I had a request (my first) from Amy Lee, who asks: "i was wondering if you could do a post on teaching poetry. what do you ask of your students?"
Thanks for asking, Amy. I should tell you a little about the college and the course for context's sake. Fresno City College is a little under 20,000 students---it's a vibrant and diverse student body in a rather urban setting. The course itself is always an awesome experience. The students are all undergrads, of course, and most are English majors. This isn't a workshop or grad school, so unfortunately the cap is 30 students, and it always fills. The course units transfer to the UC and CSU systems. The skill level varies, and the reading preparation is what you might expect; they have a canonical foundation but little in the way of contemporary poetry.
I don't think you want to know how much I have them write, how I respond to their poems, how mean or encouraging I can be, etc. (incidentally, "etc." is one of the words I tell them to avoid). However, I will tell you that I believe in what Richard Hugo famously told his poetry students---something like this: During this course, I want you to listen to every single thing I say. Do not argue. It's futile. Then, at the end of the course, I want you to forget everything I told you.
I strive for an atmosphere of collaboration, openness, risk, and freedom. It would take way too long for me to explain how I achieve this, so let me shift into freewrite mode and tell you things I say to them, and some things I want from them in return:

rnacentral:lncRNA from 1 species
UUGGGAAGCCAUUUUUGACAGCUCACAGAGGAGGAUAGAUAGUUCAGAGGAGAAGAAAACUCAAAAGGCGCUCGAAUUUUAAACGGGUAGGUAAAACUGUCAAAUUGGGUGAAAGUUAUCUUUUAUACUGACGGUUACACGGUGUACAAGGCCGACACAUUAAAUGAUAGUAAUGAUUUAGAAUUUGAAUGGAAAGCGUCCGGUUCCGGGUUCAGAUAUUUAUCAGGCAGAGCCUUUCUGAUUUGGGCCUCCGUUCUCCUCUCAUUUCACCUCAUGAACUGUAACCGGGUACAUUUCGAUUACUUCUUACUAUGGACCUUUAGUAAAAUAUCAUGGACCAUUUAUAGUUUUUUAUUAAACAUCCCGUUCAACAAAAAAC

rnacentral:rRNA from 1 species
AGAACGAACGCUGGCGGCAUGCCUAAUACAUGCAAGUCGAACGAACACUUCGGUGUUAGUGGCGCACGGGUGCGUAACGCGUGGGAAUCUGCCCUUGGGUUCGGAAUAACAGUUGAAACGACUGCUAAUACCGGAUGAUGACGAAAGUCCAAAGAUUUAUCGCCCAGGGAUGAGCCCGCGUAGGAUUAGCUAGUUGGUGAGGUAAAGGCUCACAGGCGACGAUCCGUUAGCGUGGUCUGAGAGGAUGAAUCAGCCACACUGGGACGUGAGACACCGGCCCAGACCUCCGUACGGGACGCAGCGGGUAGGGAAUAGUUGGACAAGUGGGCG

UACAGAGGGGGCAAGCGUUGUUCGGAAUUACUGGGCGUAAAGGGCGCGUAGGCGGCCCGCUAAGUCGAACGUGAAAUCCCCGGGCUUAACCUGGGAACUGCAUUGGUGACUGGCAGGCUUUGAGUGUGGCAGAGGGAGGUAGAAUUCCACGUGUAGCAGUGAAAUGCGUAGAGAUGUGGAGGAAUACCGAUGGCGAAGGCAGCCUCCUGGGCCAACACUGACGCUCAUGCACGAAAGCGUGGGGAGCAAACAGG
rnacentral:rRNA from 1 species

make it new (ezra pound)/ convict thyself (dostoevsky)... modern translation(?): get real/ good poets borrow, great poets steal (eliot)/ we must read widely and deeply/ everything is in the re-visioning of the poem/ struggle/ work hard through the forms (we write ghazals, sestinas, petrarchan and shakespearean sonnets---this week they are writing odes with espada's "alabanza" and keats as examples/ i want them to cultivate the accents, flavors, and authenticity of their sensory worlds/ think about caesura/ think about sound and pace/ again, hugo---we owe the truth nothing. we owe it to the poem to be true to its sound (this may reveal my bias toward the auditory, a la Pinsky)/ i want them to have fun/ i want them to work hard/ i want them, in the end, to have something meaningful to say about their poems and how or why they evolved/ of course, they should know the basics---couplet, tercet, quatrain/ pentameter, iambs, etc./ learn where your poems get tired and how to rework them/ how much failure is involved in the successful poem/ beauty and grit go hand in hand/
Some books I've used in the past include Park's The Temperature of This Water, Uyematsu's Nights f Fire, Nights of Rain, Montoya's the ice worker sings and other poems, and Addonizio's Tell Me. I will soon use Espada's Alabanza, Levine's The Simple Truth, perhaps The Selected Levis, and I am looking at Barbara Jane Reyes' poeta en san francisco, Carolyn Forche's Gathering the Tribes, and Brian Turner's Here, Bullet among others. I also highly recommend (and have used) Addonizio and Laux's text The Poet's Companion.
This is a little of what I talk about. The subject matter is also conducive to storytelling (so I do some of that), discussions about the world and our interaction with it through language (so I do a lot of that), and silliness (so I am right at home). I can also tell you that I love my work. For lack of a better way to say it, the students make it all worthwhile.